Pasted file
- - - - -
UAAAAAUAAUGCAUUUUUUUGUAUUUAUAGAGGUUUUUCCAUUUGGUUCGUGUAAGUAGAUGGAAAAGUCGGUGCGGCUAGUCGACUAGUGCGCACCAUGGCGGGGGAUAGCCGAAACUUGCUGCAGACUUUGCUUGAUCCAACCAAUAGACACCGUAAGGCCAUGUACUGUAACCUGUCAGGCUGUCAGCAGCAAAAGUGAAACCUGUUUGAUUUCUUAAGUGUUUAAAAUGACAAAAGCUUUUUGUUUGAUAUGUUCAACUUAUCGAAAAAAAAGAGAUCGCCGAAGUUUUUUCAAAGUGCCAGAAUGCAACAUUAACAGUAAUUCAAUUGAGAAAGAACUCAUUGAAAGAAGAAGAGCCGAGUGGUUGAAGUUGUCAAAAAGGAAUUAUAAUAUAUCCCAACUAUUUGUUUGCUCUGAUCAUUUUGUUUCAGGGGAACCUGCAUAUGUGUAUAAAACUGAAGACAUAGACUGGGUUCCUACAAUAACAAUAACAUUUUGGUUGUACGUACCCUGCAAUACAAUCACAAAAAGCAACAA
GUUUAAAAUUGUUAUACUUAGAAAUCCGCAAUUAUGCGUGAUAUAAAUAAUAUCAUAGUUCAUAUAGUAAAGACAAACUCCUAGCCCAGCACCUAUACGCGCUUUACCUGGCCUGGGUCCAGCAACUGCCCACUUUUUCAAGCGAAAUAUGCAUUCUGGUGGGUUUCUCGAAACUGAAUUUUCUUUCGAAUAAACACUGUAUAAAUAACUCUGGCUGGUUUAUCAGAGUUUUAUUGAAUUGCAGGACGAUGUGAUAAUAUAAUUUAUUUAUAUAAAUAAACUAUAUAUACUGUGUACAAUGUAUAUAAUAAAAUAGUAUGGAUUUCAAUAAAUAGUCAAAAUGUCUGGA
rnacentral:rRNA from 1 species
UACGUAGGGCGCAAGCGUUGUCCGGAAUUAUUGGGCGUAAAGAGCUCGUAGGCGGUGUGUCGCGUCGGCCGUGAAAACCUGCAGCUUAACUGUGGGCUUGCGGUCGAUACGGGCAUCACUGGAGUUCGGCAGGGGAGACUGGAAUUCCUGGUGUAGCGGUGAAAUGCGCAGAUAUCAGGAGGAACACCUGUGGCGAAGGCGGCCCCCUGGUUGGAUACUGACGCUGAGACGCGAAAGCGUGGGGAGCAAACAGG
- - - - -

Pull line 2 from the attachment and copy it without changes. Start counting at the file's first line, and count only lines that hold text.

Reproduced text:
GUUUAAAAUUGUUAUACUUAGAAAUCCGCAAUUAUGCGUGAUAUAAAUAAUAUCAUAGUUCAUAUAGUAAAGACAAACUCCUAGCCCAGCACCUAUACGCGCUUUACCUGGCCUGGGUCCAGCAACUGCCCACUUUUUCAAGCGAAAUAUGCAUUCUGGUGGGUUUCUCGAAACUGAAUUUUCUUUCGAAUAAACACUGUAUAAAUAACUCUGGCUGGUUUAUCAGAGUUUUAUUGAAUUGCAGGACGAUGUGAUAAUAUAAUUUAUUUAUAUAAAUAAACUAUAUAUACUGUGUACAAUGUAUAUAAUAAAAUAGUAUGGAUUUCAAUAAAUAGUCAAAAUGUCUGGA